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Thread: Road to RJ

  1. #46
    Veteran mafra's Avatar
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    Could it be... we might already be closing to having a big 3?

    DSJ, Knox, RJ, MRob.

    Assuming we draft RJ (and heís still on the board at 3)...

    Assuming we keep these 4 and donít trade one of them...

    Knicks would just need 1 to be special, 1 to be all star type, and the other 2 to be good. The plus is these 4 would fit well with each other. The final 2 pieces would be a 3-&-D wing and a rugged, bruising PF.

    Give them 3-4 years to grow together... imagine what this unit could be come 2022-2023 season, when all 4 have that experience under their belts, unity playing together, and are entering their prime (mid 20s).

    Oh, and letís not forget their reinforcements (6 first rounders in 4 years)...

    The potential is there... they have the frame and skill set... just depends on work ethic and want-to.

    This is why getting a KD and another max is great. It microwaves their maturation while removing the pressure from them.

    Exciting times.

  2. #47
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    Quote Originally Posted by mafra View Post
    Could it be... we might already be closing to having a big 3?

    DSJ, Knox, RJ, MRob.

    Assuming we draft RJ (and he’s still on the board at 3)...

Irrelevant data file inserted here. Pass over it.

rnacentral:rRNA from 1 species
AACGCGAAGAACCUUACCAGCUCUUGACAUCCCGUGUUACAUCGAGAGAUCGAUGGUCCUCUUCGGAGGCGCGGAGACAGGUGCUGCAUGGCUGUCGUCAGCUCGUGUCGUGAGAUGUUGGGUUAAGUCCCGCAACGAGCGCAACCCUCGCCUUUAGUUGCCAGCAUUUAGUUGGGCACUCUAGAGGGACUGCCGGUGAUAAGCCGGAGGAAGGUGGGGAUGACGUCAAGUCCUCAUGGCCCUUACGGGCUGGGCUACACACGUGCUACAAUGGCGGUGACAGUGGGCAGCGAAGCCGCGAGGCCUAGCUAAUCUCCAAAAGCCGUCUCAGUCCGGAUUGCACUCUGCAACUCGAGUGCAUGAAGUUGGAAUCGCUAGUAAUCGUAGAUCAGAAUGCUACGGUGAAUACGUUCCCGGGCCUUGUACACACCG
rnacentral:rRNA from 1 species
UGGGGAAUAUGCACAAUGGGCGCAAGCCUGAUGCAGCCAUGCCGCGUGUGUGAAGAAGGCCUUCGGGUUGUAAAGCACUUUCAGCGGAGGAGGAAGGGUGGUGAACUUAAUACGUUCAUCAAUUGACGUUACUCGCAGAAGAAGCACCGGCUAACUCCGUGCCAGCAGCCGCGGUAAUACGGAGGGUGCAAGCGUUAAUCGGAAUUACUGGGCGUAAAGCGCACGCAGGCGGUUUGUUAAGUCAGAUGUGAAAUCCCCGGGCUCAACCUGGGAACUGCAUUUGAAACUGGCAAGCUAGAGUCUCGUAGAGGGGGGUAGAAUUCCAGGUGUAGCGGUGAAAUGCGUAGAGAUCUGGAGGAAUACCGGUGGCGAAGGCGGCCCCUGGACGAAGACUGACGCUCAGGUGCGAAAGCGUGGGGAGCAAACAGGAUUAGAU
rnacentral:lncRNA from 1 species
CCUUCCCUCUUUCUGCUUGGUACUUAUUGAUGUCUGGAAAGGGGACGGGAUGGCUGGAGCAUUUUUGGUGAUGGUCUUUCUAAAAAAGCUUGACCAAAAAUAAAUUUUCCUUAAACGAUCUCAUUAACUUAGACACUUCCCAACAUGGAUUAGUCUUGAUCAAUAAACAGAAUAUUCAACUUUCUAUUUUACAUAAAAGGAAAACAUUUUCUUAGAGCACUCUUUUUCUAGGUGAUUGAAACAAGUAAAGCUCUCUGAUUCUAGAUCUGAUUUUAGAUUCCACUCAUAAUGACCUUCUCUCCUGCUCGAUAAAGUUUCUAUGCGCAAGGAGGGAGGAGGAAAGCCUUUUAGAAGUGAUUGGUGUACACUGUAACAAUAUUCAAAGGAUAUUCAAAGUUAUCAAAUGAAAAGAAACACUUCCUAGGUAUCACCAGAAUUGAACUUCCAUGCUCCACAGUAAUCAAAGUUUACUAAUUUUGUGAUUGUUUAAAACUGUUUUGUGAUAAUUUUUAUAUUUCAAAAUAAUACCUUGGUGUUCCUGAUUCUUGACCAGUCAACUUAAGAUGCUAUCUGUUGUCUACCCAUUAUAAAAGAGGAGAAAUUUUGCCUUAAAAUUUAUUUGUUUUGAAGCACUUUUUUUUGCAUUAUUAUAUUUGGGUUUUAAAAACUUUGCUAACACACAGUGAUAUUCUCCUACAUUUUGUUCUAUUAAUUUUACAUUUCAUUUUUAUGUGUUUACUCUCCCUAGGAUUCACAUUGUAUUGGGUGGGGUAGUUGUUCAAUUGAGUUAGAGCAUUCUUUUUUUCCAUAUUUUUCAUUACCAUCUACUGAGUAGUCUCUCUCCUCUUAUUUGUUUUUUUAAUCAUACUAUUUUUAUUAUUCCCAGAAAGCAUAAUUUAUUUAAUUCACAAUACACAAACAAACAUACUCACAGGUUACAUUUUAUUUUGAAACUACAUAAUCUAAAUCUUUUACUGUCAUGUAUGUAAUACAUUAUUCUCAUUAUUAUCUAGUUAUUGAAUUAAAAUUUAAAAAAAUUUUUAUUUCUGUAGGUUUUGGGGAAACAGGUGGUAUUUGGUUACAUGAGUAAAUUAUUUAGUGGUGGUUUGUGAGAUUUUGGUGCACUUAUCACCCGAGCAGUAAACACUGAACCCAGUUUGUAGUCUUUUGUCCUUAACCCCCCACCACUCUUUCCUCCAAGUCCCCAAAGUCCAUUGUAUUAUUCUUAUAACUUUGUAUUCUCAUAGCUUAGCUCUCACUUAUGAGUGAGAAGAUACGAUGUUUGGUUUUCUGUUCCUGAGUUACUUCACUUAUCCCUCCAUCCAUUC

Assuming we keep these 4 and don’t trade one of them...

    Knicks would just need 1 to be special, 1 to be all star type, and the other 2 to be good. The plus is these 4 would fit well with each other. The final 2 pieces would be a 3-&-D wing and a rugged, bruising PF.

    Give them 3-4 years to grow together... imagine what this unit could be come 2022-2023 season, when all 4 have that experience under their belts, unity playing together, and are entering their prime (mid 20s).

    Oh, and let’s not forget their reinforcements (6 first rounders in 4 years)...

    The potential is there... they have the frame and skill set... just depends on work ethic and want-to.

    This is why getting a KD and another max is great. It microwaves their maturation while removing the pressure from them.

    Exciting times.
    Sounds good .. but my winning 4 young-core players would be Frank RJ Knox and MictRob ..
    We desperately need FA Durant to sign in the off-season to give fans and teammates hope of making the playoffs.
    Plus we need Durant mentor a 2nd season Knox into playing team-ball on both sides of the court.
    Perry must resign DJ to a one or two yr contract to be our starting center ..
    Plus Perry must trade for or sign a FA experience guard (PG or SG) to be our starter .. not Kyrie! not Kemba!